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Imagination and emotion in children’s play: A cultural-historical approach

1.2 Children’s development and childhood
Paper in a Symposium (Symp)
4:50 PM, Tuesday 29 Aug 2017 (30 minutes)
Interpretations of Vygotsky’s texts have in general focused on the intellectual aspects of children’s development, including his texts about play. This article presents a reinterpretation of Vygotsky’s theory of play and draws on this theory of art to include emotions as an important part of children’s play. I will argue that in play children’s motives, emotions and feelings are connected vitally with the development of imagination, fantasy and creativity. Four main points are put forward: A) In Vygotsky’s (1967) theory of play, children’s imagination transforms the relations between objects and meanings and between actions and meanings. It is important to include children’s emotions and feelings in these analyses; B) Emotions and feelings may be included by including the way imagination transforms the tensions that children expressed in play between different motive orientations towards the play theme; C) The relations between events and feelings may become transformed through children’s play so that emotions and feeling become released from events the same way that meaning in play are released from objects, actions, and D) Changes in the way children play through their life course has to be seen as an interaction between the institutional conditions and traditions and children’s motive orientation. Therefore, the way emotions and feelings become transformed in relation to events changes through children’s different life periods. These points are illustrated by drawing upon observation of children’s play activity in different age periods and in different contexts.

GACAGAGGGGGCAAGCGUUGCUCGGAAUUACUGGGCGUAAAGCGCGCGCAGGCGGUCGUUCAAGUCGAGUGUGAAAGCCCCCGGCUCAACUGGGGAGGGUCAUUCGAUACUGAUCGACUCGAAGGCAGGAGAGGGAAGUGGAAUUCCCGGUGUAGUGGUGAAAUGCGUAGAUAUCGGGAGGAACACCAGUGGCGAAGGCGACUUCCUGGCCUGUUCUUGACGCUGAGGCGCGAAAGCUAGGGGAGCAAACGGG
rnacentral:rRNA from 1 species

Copenhagen University
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